Soyasaponins A1 and A2 exert anti-atherosclerotic functionalities by decreasing hypercholesterolemia and inflammation in high fat diet (HFD)-fed ApoE−/− mice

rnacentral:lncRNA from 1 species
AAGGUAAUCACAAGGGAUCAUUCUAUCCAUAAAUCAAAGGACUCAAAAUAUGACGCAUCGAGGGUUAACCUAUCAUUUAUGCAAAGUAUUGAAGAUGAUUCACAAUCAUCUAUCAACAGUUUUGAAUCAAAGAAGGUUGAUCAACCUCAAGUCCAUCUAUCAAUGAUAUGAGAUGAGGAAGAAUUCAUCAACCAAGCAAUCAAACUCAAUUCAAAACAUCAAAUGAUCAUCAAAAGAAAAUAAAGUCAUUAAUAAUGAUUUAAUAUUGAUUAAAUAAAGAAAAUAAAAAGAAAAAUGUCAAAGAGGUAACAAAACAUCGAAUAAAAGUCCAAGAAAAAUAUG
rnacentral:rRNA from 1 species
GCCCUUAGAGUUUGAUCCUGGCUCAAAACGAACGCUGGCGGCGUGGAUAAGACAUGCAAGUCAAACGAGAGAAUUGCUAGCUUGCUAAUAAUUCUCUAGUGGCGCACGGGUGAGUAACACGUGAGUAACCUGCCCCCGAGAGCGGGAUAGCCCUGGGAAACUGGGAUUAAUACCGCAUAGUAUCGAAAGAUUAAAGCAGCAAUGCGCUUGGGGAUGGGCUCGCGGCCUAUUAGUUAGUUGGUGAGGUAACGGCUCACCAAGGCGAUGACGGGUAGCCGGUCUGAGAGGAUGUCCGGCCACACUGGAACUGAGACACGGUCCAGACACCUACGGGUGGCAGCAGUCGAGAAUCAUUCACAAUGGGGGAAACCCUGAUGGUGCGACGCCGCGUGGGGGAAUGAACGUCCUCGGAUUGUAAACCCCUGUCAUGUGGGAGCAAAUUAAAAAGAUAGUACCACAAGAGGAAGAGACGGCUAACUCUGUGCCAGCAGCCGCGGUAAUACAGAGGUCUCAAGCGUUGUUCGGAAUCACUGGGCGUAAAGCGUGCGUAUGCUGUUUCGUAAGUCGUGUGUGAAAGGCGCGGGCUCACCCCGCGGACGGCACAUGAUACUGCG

Atherosclerosis is a chronic inflammatory disease causing coronary heart attacks and strokes. Soyasaponins (SS), the phytochemicals naturally existing in soybeans and their products, have been shown to reduce hypercholesterolemia and inflammation, which are intimately related to the genesis and development of atherosclerosis. However, the anti-atherosclerotic functionality of soyasaponins remains unknown. The aim of this study was to investigate the effects of the supplementation of two types of soyasaponin monomers (A1 and A2) on atherosclerotic plaque formation, serum lipid profiles, and inflammation in ApoE gene knockout (ApoE−/−) mice. Sixty 5-week-old ApoE−/− male mice were fed with a high-fat diet (HFD) and intervened by SSA1 and SSA2 (10 and 20 μmol per kg BW, respectively) or simvastatin (10 μmol per kg BW) for 24 weeks. The atherosclerotic lesions in the aorta, aortic root, and innominate artery, lipid profile and inflammatory markers in serum, and TLR4/MyD88/NF-κB signaling in arterial tissues were determined. SSA1 and SSA2 decreased the plaque ratio in the aortic root and innominate artery but not in the entire aorta. In serum, SSA1 reduced TG, TC, and LDL-C but increased HDL-C; SSA2 decreased TC, TG, and LDL-C but did not affect HDL-C. Meanwhile, SSA1 increased TG, SSA2 increased TC, and both of them increased bile acids in the feces. SSA1 and SSA2 lowered TNF-α, MCP-1, and hs-crp in serum. Furthermore, SSA1 and SSA2 reduced the TLR4 and MyD88 expressions in the aorta and innominate artery and inhibited NF-κB p65 and IκBα phosphorylation in the aorta. These results suggest that SSA1 and SSA2 exert anti-atherosclerotic functionalities by decreasing hypercholesterolemia and inflammation in HFD-fed ApoE−/− mice.